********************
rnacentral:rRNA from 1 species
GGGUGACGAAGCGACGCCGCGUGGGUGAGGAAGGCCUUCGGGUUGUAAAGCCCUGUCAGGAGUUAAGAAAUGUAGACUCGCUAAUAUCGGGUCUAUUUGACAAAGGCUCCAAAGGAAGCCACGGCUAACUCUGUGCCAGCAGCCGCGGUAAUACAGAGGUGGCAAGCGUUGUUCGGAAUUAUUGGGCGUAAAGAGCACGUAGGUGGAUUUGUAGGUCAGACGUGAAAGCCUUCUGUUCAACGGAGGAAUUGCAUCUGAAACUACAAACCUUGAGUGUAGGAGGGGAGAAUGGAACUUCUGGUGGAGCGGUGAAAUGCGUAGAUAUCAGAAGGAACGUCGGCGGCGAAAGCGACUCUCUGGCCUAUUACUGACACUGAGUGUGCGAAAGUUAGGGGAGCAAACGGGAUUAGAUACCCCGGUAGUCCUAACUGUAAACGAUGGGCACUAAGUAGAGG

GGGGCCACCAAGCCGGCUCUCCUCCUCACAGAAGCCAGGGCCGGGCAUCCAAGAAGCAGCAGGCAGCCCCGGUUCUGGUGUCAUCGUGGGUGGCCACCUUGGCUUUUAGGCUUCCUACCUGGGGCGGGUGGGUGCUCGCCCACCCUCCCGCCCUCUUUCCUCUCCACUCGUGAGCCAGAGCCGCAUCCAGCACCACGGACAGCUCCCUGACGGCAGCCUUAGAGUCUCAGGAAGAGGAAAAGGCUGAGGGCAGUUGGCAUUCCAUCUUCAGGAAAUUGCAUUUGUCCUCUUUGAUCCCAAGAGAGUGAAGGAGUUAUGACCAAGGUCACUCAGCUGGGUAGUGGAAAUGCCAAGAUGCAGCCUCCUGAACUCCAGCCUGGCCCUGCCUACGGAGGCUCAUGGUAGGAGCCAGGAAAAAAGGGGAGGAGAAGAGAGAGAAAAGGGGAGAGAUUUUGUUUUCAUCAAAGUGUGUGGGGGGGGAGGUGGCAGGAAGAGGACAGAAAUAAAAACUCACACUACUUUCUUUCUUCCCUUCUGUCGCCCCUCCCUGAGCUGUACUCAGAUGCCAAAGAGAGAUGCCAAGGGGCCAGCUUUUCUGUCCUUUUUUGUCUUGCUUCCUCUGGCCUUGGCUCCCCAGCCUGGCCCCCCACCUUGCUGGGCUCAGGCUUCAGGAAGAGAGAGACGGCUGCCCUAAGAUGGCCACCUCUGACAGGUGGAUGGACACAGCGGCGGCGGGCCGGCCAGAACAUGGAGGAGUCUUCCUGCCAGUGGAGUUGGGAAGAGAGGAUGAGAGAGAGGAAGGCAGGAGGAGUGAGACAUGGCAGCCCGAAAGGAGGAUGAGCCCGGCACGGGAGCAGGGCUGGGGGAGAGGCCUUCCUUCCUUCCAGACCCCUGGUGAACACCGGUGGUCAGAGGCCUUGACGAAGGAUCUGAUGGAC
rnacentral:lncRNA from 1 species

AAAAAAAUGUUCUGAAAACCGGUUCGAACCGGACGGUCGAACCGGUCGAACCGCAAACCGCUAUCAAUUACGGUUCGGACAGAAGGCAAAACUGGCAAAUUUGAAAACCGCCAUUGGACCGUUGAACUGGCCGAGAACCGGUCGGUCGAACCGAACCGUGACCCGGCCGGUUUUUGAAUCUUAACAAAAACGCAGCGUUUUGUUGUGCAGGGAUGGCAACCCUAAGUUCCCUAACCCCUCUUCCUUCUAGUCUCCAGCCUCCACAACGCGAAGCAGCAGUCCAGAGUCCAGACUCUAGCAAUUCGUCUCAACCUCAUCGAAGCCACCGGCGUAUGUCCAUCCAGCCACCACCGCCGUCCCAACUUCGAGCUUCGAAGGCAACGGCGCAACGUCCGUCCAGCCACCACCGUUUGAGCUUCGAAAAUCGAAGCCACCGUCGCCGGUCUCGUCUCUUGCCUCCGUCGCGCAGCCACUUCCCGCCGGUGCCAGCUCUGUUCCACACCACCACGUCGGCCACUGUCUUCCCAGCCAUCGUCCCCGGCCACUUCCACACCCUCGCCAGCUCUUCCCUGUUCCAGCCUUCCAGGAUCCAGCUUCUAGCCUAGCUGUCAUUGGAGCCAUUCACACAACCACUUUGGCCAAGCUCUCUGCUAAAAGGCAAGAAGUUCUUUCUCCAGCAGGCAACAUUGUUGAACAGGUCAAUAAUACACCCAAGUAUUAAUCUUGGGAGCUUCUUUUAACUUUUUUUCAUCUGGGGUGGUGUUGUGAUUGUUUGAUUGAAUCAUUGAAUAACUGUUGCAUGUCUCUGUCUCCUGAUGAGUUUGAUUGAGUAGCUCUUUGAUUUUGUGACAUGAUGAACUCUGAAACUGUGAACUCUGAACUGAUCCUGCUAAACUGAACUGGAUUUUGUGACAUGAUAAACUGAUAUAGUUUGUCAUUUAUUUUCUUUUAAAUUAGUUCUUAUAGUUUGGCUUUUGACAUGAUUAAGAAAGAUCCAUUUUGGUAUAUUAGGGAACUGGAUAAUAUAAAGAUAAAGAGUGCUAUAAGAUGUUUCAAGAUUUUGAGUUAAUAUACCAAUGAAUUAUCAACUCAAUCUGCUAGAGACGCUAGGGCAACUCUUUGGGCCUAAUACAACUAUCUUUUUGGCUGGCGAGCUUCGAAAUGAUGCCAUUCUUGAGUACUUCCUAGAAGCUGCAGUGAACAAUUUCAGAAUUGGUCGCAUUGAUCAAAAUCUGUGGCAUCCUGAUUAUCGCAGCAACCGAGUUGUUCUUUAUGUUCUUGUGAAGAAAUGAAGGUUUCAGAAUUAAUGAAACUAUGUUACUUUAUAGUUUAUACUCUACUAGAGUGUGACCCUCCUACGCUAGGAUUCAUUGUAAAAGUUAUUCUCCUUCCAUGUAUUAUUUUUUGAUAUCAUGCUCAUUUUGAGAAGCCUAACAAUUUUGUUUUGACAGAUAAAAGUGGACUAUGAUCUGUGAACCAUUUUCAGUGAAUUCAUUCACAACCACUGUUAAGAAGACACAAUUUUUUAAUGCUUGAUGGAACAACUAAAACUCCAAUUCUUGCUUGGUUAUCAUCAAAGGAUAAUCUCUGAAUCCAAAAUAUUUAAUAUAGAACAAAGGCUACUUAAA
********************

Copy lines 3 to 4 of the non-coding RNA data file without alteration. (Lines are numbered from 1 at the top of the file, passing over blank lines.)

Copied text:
GGGGCCACCAAGCCGGCUCUCCUCCUCACAGAAGCCAGGGCCGGGCAUCCAAGAAGCAGCAGGCAGCCCCGGUUCUGGUGUCAUCGUGGGUGGCCACCUUGGCUUUUAGGCUUCCUACCUGGGGCGGGUGGGUGCUCGCCCACCCUCCCGCCCUCUUUCCUCUCCACUCGUGAGCCAGAGCCGCAUCCAGCACCACGGACAGCUCCCUGACGGCAGCCUUAGAGUCUCAGGAAGAGGAAAAGGCUGAGGGCAGUUGGCAUUCCAUCUUCAGGAAAUUGCAUUUGUCCUCUUUGAUCCCAAGAGAGUGAAGGAGUUAUGACCAAGGUCACUCAGCUGGGUAGUGGAAAUGCCAAGAUGCAGCCUCCUGAACUCCAGCCUGGCCCUGCCUACGGAGGCUCAUGGUAGGAGCCAGGAAAAAAGGGGAGGAGAAGAGAGAGAAAAGGGGAGAGAUUUUGUUUUCAUCAAAGUGUGUGGGGGGGGAGGUGGCAGGAAGAGGACAGAAAUAAAAACUCACACUACUUUCUUUCUUCCCUUCUGUCGCCCCUCCCUGAGCUGUACUCAGAUGCCAAAGAGAGAUGCCAAGGGGCCAGCUUUUCUGUCCUUUUUUGUCUUGCUUCCUCUGGCCUUGGCUCCCCAGCCUGGCCCCCCACCUUGCUGGGCUCAGGCUUCAGGAAGAGAGAGACGGCUGCCCUAAGAUGGCCACCUCUGACAGGUGGAUGGACACAGCGGCGGCGGGCCGGCCAGAACAUGGAGGAGUCUUCCUGCCAGUGGAGUUGGGAAGAGAGGAUGAGAGAGAGGAAGGCAGGAGGAGUGAGACAUGGCAGCCCGAAAGGAGGAUGAGCCCGGCACGGGAGCAGGGCUGGGGGAGAGGCCUUCCUUCCUUCCAGACCCCUGGUGAACACCGGUGGUCAGAGGCCUUGACGAAGGAUCUGAUGGAC
rnacentral:lncRNA from 1 species